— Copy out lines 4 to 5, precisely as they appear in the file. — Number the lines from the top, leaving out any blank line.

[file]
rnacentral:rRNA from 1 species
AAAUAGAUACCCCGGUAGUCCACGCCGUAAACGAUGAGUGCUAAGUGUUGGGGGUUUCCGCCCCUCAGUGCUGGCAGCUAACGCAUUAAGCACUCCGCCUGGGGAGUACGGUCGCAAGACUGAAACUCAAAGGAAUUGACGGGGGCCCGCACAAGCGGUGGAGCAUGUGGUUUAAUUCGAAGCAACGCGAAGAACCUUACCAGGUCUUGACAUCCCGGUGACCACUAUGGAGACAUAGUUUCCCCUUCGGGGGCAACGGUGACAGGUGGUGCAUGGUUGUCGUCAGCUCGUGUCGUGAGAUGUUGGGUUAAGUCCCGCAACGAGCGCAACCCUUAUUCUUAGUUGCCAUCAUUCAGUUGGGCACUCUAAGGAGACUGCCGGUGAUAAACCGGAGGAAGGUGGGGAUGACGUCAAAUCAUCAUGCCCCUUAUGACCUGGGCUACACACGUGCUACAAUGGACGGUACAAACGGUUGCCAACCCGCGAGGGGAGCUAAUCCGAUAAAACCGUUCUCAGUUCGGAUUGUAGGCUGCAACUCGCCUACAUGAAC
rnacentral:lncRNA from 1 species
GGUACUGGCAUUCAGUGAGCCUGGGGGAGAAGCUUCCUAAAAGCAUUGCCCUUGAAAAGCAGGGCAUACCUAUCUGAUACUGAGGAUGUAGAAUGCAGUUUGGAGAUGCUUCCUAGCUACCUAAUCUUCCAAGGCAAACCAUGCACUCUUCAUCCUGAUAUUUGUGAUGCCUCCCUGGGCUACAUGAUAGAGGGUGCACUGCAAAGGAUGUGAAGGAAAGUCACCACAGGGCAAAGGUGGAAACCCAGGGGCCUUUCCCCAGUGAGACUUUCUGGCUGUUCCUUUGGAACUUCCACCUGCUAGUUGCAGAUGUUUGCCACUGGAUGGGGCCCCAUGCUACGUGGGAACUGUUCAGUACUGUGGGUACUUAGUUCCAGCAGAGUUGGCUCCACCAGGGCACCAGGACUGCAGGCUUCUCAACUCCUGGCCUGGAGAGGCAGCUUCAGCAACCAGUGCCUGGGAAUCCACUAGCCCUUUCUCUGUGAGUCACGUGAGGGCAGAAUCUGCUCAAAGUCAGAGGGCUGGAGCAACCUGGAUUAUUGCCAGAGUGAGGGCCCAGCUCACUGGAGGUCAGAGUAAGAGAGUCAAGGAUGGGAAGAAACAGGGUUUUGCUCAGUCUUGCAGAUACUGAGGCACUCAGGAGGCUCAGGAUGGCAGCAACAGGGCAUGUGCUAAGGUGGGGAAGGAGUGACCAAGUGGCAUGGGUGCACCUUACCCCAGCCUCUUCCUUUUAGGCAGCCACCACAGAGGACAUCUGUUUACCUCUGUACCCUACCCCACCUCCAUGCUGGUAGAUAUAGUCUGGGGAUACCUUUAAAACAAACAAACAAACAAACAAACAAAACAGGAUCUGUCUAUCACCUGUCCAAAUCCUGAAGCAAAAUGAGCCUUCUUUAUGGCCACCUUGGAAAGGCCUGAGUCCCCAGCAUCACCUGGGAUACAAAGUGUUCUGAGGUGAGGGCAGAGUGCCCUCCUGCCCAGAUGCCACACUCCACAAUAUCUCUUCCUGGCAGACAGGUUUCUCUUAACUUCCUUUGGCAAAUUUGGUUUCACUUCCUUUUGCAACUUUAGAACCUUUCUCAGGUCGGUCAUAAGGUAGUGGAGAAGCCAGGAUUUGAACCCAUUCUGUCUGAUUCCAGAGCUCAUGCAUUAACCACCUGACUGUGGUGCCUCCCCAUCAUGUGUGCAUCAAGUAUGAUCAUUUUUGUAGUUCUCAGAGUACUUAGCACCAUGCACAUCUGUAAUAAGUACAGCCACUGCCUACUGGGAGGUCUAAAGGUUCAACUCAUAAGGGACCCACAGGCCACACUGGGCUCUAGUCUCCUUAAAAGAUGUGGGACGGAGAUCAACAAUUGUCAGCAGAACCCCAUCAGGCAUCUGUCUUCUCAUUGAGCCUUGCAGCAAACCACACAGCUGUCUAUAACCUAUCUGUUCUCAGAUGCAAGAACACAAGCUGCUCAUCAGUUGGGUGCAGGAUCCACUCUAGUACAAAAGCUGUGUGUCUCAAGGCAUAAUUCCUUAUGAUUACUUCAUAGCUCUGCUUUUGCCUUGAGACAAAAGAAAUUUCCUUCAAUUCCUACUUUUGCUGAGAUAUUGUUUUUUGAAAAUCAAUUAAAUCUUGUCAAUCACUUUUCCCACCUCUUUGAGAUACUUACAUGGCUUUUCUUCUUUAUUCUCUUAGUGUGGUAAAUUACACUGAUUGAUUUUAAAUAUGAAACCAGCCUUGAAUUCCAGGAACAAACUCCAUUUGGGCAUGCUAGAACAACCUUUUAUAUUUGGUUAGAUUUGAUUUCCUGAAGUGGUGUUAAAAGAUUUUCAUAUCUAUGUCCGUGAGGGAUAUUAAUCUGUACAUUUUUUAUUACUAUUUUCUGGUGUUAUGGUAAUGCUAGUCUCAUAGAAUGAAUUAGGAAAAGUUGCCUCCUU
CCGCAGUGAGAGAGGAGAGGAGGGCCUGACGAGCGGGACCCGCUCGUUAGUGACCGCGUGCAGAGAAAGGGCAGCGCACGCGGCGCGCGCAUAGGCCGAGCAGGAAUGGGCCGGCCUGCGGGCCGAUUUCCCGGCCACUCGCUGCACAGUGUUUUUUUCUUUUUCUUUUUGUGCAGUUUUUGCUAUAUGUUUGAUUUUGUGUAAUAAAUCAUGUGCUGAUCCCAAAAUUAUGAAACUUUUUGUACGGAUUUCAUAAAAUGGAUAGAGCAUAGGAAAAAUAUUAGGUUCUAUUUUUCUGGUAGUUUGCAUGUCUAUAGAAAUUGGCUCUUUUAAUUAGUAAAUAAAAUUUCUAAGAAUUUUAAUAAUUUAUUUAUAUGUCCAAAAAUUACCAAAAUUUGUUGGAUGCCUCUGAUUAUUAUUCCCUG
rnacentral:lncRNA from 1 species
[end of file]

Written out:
GGUACUGGCAUUCAGUGAGCCUGGGGGAGAAGCUUCCUAAAAGCAUUGCCCUUGAAAAGCAGGGCAUACCUAUCUGAUACUGAGGAUGUAGAAUGCAGUUUGGAGAUGCUUCCUAGCUACCUAAUCUUCCAAGGCAAACCAUGCACUCUUCAUCCUGAUAUUUGUGAUGCCUCCCUGGGCUACAUGAUAGAGGGUGCACUGCAAAGGAUGUGAAGGAAAGUCACCACAGGGCAAAGGUGGAAACCCAGGGGCCUUUCCCCAGUGAGACUUUCUGGCUGUUCCUUUGGAACUUCCACCUGCUAGUUGCAGAUGUUUGCCACUGGAUGGGGCCCCAUGCUACGUGGGAACUGUUCAGUACUGUGGGUACUUAGUUCCAGCAGAGUUGGCUCCACCAGGGCACCAGGACUGCAGGCUUCUCAACUCCUGGCCUGGAGAGGCAGCUUCAGCAACCAGUGCCUGGGAAUCCACUAGCCCUUUCUCUGUGAGUCACGUGAGGGCAGAAUCUGCUCAAAGUCAGAGGGCUGGAGCAACCUGGAUUAUUGCCAGAGUGAGGGCCCAGCUCACUGGAGGUCAGAGUAAGAGAGUCAAGGAUGGGAAGAAACAGGGUUUUGCUCAGUCUUGCAGAUACUGAGGCACUCAGGAGGCUCAGGAUGGCAGCAACAGGGCAUGUGCUAAGGUGGGGAAGGAGUGACCAAGUGGCAUGGGUGCACCUUACCCCAGCCUCUUCCUUUUAGGCAGCCACCACAGAGGACAUCUGUUUACCUCUGUACCCUACCCCACCUCCAUGCUGGUAGAUAUAGUCUGGGGAUACCUUUAAAACAAACAAACAAACAAACAAACAAAACAGGAUCUGUCUAUCACCUGUCCAAAUCCUGAAGCAAAAUGAGCCUUCUUUAUGGCCACCUUGGAAAGGCCUGAGUCCCCAGCAUCACCUGGGAUACAAAGUGUUCUGAGGUGAGGGCAGAGUGCCCUCCUGCCCAGAUGCCACACUCCACAAUAUCUCUUCCUGGCAGACAGGUUUCUCUUAACUUCCUUUGGCAAAUUUGGUUUCACUUCCUUUUGCAACUUUAGAACCUUUCUCAGGUCGGUCAUAAGGUAGUGGAGAAGCCAGGAUUUGAACCCAUUCUGUCUGAUUCCAGAGCUCAUGCAUUAACCACCUGACUGUGGUGCCUCCCCAUCAUGUGUGCAUCAAGUAUGAUCAUUUUUGUAGUUCUCAGAGUACUUAGCACCAUGCACAUCUGUAAUAAGUACAGCCACUGCCUACUGGGAGGUCUAAAGGUUCAACUCAUAAGGGACCCACAGGCCACACUGGGCUCUAGUCUCCUUAAAAGAUGUGGGACGGAGAUCAACAAUUGUCAGCAGAACCCCAUCAGGCAUCUGUCUUCUCAUUGAGCCUUGCAGCAAACCACACAGCUGUCUAUAACCUAUCUGUUCUCAGAUGCAAGAACACAAGCUGCUCAUCAGUUGGGUGCAGGAUCCACUCUAGUACAAAAGCUGUGUGUCUCAAGGCAUAAUUCCUUAUGAUUACUUCAUAGCUCUGCUUUUGCCUUGAGACAAAAGAAAUUUCCUUCAAUUCCUACUUUUGCUGAGAUAUUGUUUUUUGAAAAUCAAUUAAAUCUUGUCAAUCACUUUUCCCACCUCUUUGAGAUACUUACAUGGCUUUUCUUCUUUAUUCUCUUAGUGUGGUAAAUUACACUGAUUGAUUUUAAAUAUGAAACCAGCCUUGAAUUCCAGGAACAAACUCCAUUUGGGCAUGCUAGAACAACCUUUUAUAUUUGGUUAGAUUUGAUUUCCUGAAGUGGUGUUAAAAGAUUUUCAUAUCUAUGUCCGUGAGGGAUAUUAAUCUGUACAUUUUUUAUUACUAUUUUCUGGUGUUAUGGUAAUGCUAGUCUCAUAGAAUGAAUUAGGAAAAGUUGCCUCCUU
CCGCAGUGAGAGAGGAGAGGAGGGCCUGACGAGCGGGACCCGCUCGUUAGUGACCGCGUGCAGAGAAAGGGCAGCGCACGCGGCGCGCGCAUAGGCCGAGCAGGAAUGGGCCGGCCUGCGGGCCGAUUUCCCGGCCACUCGCUGCACAGUGUUUUUUUCUUUUUCUUUUUGUGCAGUUUUUGCUAUAUGUUUGAUUUUGUGUAAUAAAUCAUGUGCUGAUCCCAAAAUUAUGAAACUUUUUGUACGGAUUUCAUAAAAUGGAUAGAGCAUAGGAAAAAUAUUAGGUUCUAUUUUUCUGGUAGUUUGCAUGUCUAUAGAAAUUGGCUCUUUUAAUUAGUAAAUAAAAUUUCUAAGAAUUUUAAUAAUUUAUUUAUAUGUCCAAAAAUUACCAAAAUUUGUUGGAUGCCUCUGAUUAUUAUUCCCUG